Leading Article: Glimpses of the sublime

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The shock felt right across the nation when David Gower was dropped from the England cricket party that will tour India this winter says something profound and hopeful about modern sport: that although it is run for money by blockheads and creatures of television, there is still room for genius to make an appeal directly to the spectators' hearts. As is apparent from our letters column, people who care nothing about who wins or loses a cricket match have caught in Gower's play a glimpse of something more valuable than any trophy in the game.

This quality is a grace very rare even among top-class sportsmen. It is possible to be a great player, and a hugely successful competitor, without it. Nor does anyone have it for life. Muhammad Ali, perhaps the most graceful sportsman of the century, lost it in the end. But he had it when beaten by Joe Frazier, and he had it when he beat Frazier in their return bout.

It is a quality that can be distinguished from all sorts of other sporting excellences. It is not just courage, though courage is part of it. Who could be braver than Mike Gatting, who was once struck so savagely on the face by a West Indian bouncer that when the bowler came to pick up the ball, he found a splinter of Gatting's nose bone on it? Yet who would switch on their television because they heard that Gatting was at the crease?

Any professional boxer is braver than his audience can well imagine, and the worse boxers may need courage more often than the best. It must be very hard to climb into the ring knowing that you will be beaten as well as badly hurt. None the less, the emotions that we feel watching a brave journeyman, even a successful one such as Barry McGuigan, are not on a level with those Ali inspired. The truly great athletes transcend the rules of their sport. When they must yield to the forces ranged against them - whether these are the cunning of opponents, the constraints of the rulebook, or the law of gravity - they make this seem an artistic decision to show off their greater mastery.

Nor is this grace the same as technical skill. It encompasses great skill, but skill can be found that never lifted the heart. Geoffrey Boycott was an exceptionally skilful batsman. Sometimes the skills involved are too arcane to communicate themselves to spectators who know nothing of the game. At other times a player may miss sublimity because his skills are not up to all the demands of the sport. With the ball at his feet, Glenn Hoddle was a genius who could silence 50,000 spectators with a kick, but never when it really mattered.

The consummate sportsman seems to invent new skills through complete mastery of the old. This is not achieved without a long apprenticeship and study of all that is known. But at their best such players make the unimaginable seem not merely easy, but easier than anything less perfectly skilful.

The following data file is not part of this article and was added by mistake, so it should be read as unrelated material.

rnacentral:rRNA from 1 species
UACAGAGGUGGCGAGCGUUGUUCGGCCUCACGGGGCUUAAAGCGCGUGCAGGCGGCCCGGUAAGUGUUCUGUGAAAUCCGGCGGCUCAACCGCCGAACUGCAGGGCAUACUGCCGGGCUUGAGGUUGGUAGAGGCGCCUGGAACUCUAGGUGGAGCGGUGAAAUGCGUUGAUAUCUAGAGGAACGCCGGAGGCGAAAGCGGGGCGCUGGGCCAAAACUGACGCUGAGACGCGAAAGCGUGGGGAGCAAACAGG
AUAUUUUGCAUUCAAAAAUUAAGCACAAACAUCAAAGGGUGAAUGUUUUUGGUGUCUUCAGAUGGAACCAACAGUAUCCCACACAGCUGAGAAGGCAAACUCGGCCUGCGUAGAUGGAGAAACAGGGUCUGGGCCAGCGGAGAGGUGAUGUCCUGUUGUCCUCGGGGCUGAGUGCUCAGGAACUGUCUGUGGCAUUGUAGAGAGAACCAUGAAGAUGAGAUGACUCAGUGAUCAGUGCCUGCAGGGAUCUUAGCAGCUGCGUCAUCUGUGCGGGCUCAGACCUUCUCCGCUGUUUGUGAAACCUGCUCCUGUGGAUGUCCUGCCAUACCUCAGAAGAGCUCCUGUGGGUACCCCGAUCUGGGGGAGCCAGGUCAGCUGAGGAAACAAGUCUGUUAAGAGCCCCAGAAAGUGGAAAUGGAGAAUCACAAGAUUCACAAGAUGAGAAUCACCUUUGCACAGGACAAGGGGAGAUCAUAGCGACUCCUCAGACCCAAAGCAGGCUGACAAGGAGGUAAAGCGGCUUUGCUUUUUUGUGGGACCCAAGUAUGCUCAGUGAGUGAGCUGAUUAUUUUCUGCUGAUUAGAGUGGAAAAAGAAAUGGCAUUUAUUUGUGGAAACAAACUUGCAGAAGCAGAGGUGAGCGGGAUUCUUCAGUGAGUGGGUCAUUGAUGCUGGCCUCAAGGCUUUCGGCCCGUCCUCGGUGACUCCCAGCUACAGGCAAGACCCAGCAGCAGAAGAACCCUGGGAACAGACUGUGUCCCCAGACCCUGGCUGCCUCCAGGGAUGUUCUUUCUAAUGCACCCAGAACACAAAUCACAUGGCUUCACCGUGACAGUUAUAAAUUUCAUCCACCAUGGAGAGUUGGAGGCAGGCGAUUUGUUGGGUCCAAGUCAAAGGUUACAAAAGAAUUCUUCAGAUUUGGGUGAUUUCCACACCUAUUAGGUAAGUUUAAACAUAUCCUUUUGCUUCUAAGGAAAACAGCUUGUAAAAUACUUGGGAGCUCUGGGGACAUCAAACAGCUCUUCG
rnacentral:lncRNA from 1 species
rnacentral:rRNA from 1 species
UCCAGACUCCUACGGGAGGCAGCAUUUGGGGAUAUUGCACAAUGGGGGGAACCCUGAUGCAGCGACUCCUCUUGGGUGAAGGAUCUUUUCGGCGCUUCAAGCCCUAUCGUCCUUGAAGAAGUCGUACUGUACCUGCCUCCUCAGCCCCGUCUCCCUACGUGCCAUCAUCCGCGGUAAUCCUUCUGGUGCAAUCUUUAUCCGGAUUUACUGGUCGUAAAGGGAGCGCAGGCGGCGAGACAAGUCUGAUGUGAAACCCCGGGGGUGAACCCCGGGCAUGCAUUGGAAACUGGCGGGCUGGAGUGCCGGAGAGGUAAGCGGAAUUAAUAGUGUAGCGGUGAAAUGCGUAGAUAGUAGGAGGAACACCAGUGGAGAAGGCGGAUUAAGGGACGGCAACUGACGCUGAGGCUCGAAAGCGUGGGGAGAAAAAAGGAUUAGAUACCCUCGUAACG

Perfection of this sort must work like art on the emotions of those who see it. But it is not the kind of art to which competitive sport most naturally tends, which is a sort of theatre where the interest is supplied by learning whether one side or another is going to win. That has its own pleasures. Every year at Wimbledon some British player loses in a match full of drama. The spectators have their hearts wrung with every double fault. They return to the corporate hospitality tents quite purged by pity and horror. But they have not savoured the delights of excellence.

On a more exalted level, the feats of Ian Botham are impressive because they win games that should be utterly lost, not because they seem to defy the laws of physics and deflect the arrow of time.

Botham the roisterer is a reminder that

the possession of huge sporting talent need imply no great respect for the laws and customs that bind lesser men. Among tennis players this is a pronounced trait because they are so soon isolated from the real world. Bjorn Borg, who could win Wimbledon five times, but never read anything more demanding than Donald Duck comics in Swedish, would fit in comfortably among the recipients of football scholarships at American universities.

The contrast between character and achievement is even greater in Borg's greatest rival. John McEnroe appeared off court to be no more than a spoilt lout. But hand him a racket and he could deal out enlightenment in every direction at once. This grace was combined with terrifying efficiency, so that even the most British spectators would pay tribute to his genius, with cries of where the - McEnroe - did that come from?